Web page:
By Chrys Kub, PT, E-RYT 500, Program Director Holistic Yoga Therapy Institute
I have been practicing physical therapy since 1987. It has always been my passion to work with persons with physical disabilities. I have been fortunate throughout my career to do just that, working in a physical rehabilitation hospital for many years with persons who have suffered from spinal cord injury, brain injury and strokes, both adults and children. Watching them progress and transform during therapy whether their situation was from a traumatic incident or a state of being from birth was life changing. When I moved into practicing more orthopedics I found it to be less transformative and frankly a bit unrewarding. But even with my neurological patients, I felt there was something missing in my therapeutic approach. I believe integrating the principles of yoga into my practice was that missing piece. Here are 10 things I learned from my yoga teachers along the way about yoga therapy which has helped me grow in my practice and better serve both populations.
- The most important thing is "relationship”. If you create a relationship with your patient, all the rest will take care of itself. Matthew Sanford , Iyengar Yoga Instructor, Paraplegic
- As you work with a client, step back and wait. Be patient and let the process and the pose happen. Leeann Carey Yapana Yoga Creator, Yoga therapist
- I am not a yoga therapist, yoga is therapy. Leslie Kaminoff; Yoga Teacher, Yoga Anatomy Instructor
- It is important to focus not just on treating the symptoms, but finding the cause and treating the imbalances from that. Shirley Sahrmann, Physical Therapist
- Let’s change our paradigm from "doing to” to "being with” our patients and empower them to take part in their healing. Matthew Taylor, PhD Physical Therapist Founder of Dynamic Systems Rehab
- Yoga Nidra is a type of guided relaxation which can help those who have suffered from trauma, physically or emotionally. Richard Miller, Founder of iRest Yoga Nidra
- It is not only the patients who benefit from the integration of yoga therapeutics into the treatment, but the caregivers.
- Kids love yoga, especially the kids over 5 who have been "therapized” their whole life.
- We don’t need to "fix” anyone, everyone is perfect as they are. Leeann Carey, Yoga Therapist
- Before you open the door to greet your patient for their session, pause, take a deep breath and center yourself so you can be present with them in that moment. Brandon Scot, Occupational Therapist Assistant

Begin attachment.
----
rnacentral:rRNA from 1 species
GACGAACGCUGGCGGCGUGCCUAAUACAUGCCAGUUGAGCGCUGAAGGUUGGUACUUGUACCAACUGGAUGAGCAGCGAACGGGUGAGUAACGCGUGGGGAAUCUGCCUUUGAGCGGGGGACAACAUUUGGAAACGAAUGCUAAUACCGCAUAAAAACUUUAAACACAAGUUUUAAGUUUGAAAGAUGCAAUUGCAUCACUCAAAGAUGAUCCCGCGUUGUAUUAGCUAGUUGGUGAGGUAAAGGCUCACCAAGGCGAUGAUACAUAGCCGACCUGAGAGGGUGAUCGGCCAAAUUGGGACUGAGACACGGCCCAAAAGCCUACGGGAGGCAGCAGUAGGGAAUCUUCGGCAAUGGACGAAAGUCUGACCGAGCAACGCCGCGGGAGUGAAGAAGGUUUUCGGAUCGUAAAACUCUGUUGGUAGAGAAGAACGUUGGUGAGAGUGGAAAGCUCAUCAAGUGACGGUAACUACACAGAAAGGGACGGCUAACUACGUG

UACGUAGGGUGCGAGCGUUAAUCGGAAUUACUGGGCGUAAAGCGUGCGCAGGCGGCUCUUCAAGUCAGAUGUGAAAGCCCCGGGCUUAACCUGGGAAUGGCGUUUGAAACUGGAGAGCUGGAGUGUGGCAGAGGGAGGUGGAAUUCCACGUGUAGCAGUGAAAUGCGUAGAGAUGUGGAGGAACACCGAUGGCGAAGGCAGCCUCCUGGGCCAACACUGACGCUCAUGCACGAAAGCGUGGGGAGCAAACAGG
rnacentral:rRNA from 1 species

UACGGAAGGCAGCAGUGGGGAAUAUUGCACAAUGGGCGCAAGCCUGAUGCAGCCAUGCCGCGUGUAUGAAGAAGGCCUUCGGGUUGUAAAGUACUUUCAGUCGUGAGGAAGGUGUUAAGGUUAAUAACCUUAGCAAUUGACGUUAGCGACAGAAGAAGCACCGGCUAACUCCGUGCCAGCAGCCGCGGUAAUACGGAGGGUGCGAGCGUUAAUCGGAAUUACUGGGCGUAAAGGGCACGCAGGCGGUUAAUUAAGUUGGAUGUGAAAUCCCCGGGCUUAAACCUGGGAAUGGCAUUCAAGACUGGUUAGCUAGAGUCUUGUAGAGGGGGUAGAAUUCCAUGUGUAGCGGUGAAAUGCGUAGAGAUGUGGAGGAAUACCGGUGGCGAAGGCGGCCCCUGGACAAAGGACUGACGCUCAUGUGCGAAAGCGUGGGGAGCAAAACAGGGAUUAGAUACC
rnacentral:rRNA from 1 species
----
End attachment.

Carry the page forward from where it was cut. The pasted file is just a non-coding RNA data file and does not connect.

Physical therapy is an art and a science. We need to remember that our patients are not just their "diagnosis” but people, just like us, who are suffering. They come to us seeking guidance. If we can work with them together towards healing, we may not find the "cure” but we can help them learn to live with what is. Take the time to find out about their lifestyle, their mindset and how they view the world. As you build relationship, you create trust. Together you can come up with a treatment plan which helps them on all levels, physically, emotionally and mentally. I know that when I got into this profession, it was not to treat an "ACL” or a "brain injury”, but to treat people. If that was your intention as well, then consider integrating yoga therapy into your practice. You will be amazed at what happens.
Chrys Kub, PT, ERYT 500 has been practicing and teaching yoga for over 10 years, and training yoga instructors throughout the US in therapeutic yoga. She has studied with many of the masters in therapeutic yoga including Mukunda Stiles, Doug Keller, Susie Aldous Hately, and Leeann Carey. Chrys is a practicing physical therapist and yoga therapist, Program Director for Holistic Yoga Therapy Institute and a Member of the International Association of Yoga Therapists. She has taught and inspired yoga teachers throughout the US focusing on how to expand the therapeutic benefits of yoga for both themselves and their students. Through her trainings, Chrys will show both the student and the teacher how to observe themselves and their students, honoring each person’s unique capabilities and limitations, enabling aspiring teachers to create both their personal practice and style of teaching. Join Chrys, to further develop and explore your unique practice.